by Paul R. Spitzzeri
In the rough-and-tumble world of frontier Los Angeles, one of the deeply rooted problems in the little city was crime and the difficulties the criminal justice system had in dealing with it. Between 1850 and 1875, lynching was sometimes employed by citizens whose frustration with perceived and real ineffectiveness of the courts boiled over into extralegal action.
This is a major theme of the “Curious Cases” series which, over the last four years, has examined a number of incidents of lynching during that quarter century. One such example was the December 1870 hanging by a vigilance committee of Michel Lachenais.
Lachenais, a native of France, committed at least three murders, including the killing of Henri Delaval in 1861 that led Lachenais to flee Los Angeles for San Diego where he remained for a few years. Spurred to return by Benjamin Hayes, recently unseated as district court judge, Lachenais faced a trial for the Delaval murder. During the proceedings, it was stated by his defense attorneys that Lachenais actually returned to Los Angeles in late 1863 intending to turn himself in, but learned that vigilantes strung up several men from the city and county jail. Fearful the same fate would happen to him, the fugitive headed south for two more years when he was enticed to go back to Los Angeles by former district court judge Benjamin Hayes.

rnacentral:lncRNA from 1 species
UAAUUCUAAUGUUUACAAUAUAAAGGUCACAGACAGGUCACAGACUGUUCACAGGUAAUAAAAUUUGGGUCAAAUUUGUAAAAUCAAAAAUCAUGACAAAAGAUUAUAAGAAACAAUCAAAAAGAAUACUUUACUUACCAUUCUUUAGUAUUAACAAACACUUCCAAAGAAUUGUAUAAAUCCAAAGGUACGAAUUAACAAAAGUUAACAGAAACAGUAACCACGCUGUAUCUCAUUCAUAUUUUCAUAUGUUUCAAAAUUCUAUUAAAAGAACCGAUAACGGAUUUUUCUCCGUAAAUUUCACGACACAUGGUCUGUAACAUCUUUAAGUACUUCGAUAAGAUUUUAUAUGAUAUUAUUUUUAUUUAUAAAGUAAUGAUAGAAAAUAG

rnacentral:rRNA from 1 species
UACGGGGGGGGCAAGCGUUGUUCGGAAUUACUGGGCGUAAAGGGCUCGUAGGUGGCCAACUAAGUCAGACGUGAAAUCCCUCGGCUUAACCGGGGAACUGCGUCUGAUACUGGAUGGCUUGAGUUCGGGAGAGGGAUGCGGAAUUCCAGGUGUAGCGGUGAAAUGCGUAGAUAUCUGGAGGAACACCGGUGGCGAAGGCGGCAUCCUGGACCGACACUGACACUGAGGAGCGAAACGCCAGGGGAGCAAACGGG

Amazingly, in 1866, Lachenais was acquitted in the Delaval case on grounds of self-defense, but then wound up back in court for another homicide involving an Indian employee of Lachenais named Pablo Moreno. This time, Lachenais was convicted on a lesser charge of manslaughter, with the jury believing it was a crime of sudden anger, but, on appeal to the state supreme court, the verdict was overturned and Lachenais evaded justice for a second time. The high court found the case was built purely on circumstantial evidence and poor jury instructions by Hayes’ successor, Pablo de la Guerra.